the Miracle Mets had a ton more things/memes going for them than just a song and an ill-fated ending to a season.
   13. Perry Posted: October 01, 2022 at 12:10 AM (#6098570)
Not a fan of either team, so no dog in this fight, but as a fan who was around in the late 60s (12 years old in '67) when you say "Impossible Dream" season, the only one I think of is the '67 Red Sox. I had the vinyl, too. And "just a song and an ill-fated ending"? How about a Triple Crown winner? Also it was an incredible 4-team race that went down to the last day. And it was their first pennant in 21 years, after finishing 9th in a 10-team league the year before. It was incredible.

And yeah, you had the Miracle Mets two years later, and that was even more incredible and amazing and I enjoyed it just as much.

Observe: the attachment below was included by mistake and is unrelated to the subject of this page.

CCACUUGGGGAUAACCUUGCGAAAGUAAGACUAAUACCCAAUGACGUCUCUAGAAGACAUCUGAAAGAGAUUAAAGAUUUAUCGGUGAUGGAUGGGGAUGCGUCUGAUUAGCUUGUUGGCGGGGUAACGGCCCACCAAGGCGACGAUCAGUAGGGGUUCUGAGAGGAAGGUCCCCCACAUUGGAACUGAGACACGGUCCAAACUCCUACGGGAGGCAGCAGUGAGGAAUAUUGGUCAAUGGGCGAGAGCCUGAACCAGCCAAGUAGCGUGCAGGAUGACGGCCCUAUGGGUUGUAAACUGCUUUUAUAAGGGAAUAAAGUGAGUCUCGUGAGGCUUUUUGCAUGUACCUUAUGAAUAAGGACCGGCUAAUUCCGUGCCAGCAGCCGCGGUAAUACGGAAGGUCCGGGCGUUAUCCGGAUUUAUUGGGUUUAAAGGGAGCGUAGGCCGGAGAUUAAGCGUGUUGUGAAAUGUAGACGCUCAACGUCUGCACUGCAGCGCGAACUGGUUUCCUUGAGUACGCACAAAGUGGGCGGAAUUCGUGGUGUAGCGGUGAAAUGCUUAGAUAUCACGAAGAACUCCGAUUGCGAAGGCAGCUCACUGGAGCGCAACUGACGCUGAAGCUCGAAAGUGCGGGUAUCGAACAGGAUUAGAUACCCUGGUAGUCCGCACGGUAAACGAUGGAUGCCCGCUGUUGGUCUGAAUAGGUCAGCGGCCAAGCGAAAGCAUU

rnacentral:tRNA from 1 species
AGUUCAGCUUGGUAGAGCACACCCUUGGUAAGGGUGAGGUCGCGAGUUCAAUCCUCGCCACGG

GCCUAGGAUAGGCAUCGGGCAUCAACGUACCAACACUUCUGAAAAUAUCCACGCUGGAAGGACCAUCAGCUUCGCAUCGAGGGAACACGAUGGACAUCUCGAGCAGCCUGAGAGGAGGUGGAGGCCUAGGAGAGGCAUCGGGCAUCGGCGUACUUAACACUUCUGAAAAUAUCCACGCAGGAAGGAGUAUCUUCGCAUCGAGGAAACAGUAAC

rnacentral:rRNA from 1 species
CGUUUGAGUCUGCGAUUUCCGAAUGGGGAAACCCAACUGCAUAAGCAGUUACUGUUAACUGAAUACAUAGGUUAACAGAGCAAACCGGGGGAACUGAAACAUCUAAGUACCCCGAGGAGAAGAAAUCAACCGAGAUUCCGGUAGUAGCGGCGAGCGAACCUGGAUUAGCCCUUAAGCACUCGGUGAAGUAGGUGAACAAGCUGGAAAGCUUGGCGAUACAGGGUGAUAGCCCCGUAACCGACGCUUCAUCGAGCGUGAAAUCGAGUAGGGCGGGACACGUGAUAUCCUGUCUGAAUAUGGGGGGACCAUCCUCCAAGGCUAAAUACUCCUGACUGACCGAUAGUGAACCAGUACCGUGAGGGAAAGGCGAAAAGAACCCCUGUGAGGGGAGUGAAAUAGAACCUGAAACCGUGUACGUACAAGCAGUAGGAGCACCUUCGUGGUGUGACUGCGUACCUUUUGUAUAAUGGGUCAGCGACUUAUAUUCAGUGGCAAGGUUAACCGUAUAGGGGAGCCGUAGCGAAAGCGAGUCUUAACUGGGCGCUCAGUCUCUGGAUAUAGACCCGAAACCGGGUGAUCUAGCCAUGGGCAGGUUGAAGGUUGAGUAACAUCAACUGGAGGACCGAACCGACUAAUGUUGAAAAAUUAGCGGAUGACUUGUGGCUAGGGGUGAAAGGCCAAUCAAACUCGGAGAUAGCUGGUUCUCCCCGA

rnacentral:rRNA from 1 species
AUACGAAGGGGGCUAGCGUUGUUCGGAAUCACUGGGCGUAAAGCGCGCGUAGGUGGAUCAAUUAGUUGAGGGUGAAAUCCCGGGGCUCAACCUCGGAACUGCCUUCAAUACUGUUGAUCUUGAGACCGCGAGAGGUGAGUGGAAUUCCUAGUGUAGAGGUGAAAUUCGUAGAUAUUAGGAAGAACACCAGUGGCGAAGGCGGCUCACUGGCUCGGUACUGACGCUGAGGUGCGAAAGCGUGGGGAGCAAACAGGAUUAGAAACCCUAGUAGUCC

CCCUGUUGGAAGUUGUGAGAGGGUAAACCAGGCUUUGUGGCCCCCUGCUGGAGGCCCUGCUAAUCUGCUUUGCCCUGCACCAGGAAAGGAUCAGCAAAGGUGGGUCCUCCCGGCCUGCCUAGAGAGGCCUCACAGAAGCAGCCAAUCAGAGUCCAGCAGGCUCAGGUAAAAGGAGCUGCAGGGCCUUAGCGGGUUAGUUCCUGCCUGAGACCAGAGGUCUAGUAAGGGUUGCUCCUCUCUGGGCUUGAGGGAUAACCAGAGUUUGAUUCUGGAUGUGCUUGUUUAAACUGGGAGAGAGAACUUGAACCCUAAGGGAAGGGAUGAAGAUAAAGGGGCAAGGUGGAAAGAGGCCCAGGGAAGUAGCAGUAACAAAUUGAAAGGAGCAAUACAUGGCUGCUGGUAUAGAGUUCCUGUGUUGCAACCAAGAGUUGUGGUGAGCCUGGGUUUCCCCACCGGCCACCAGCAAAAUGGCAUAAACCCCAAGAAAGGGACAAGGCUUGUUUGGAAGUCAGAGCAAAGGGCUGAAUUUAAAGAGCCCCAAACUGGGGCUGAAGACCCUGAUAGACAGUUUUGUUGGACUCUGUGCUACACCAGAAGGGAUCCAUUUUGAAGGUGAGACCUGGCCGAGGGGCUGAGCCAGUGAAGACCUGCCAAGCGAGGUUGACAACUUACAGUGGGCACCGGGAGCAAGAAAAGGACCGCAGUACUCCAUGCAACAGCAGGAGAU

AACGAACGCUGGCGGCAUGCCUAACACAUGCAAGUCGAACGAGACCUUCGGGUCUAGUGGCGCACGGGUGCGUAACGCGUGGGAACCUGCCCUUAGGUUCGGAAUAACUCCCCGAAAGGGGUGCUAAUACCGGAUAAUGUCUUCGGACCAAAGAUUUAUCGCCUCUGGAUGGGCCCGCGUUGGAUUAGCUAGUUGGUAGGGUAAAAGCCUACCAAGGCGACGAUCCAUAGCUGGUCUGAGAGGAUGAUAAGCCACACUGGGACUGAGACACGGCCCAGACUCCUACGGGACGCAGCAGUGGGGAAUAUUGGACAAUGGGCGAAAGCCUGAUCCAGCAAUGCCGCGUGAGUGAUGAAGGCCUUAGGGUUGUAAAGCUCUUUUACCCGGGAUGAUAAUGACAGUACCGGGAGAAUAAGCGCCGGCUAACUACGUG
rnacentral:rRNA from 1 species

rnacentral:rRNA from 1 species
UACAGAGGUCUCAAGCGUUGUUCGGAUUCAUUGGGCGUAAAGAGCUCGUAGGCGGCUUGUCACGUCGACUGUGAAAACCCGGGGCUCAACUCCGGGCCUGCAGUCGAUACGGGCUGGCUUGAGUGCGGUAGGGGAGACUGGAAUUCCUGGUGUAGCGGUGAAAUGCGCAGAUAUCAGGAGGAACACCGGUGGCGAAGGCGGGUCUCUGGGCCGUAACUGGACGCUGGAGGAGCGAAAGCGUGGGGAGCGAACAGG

14. Walt Davis Posted: October 01, 2022 at 02:58 AM (#6098572)
Regarding Greg "this guy" Jacobs ... he and Deeds may have had similar problems in not having enough HR power (plus the delay mentioned in #9). Jacobs had ust 31 HR in 1000 AA PAs, that was barely passable in 2000s MLB. Deeds had just 48 in over 1700 AA PAs and 37 in nearly 1600 AAA PAs. His SLGs and ISOs are decent but, especially in his case, he just never turned his doubles into HRs (216 doubles vs those 85 HRs). Maybe with 150 doubles and 150 HRs he gets the call sometime.

Wow Jeff Bailey ended up with 2995 PA at AAA and over 1800 at AA.
   15. SoSH U at work Posted: October 01, 2022 at 09:06 AM (#6098575)
the Miracle Mets had a ton more things/memes going for them than just a song and an ill-fated ending to a season.


Which is precisely why there's no reason to stake a claim to a phrase that had nothing to do with the club. In baseball, Impossible Dream refers to the 1967 Red Sox, regardless of the zeitgeist of 1969.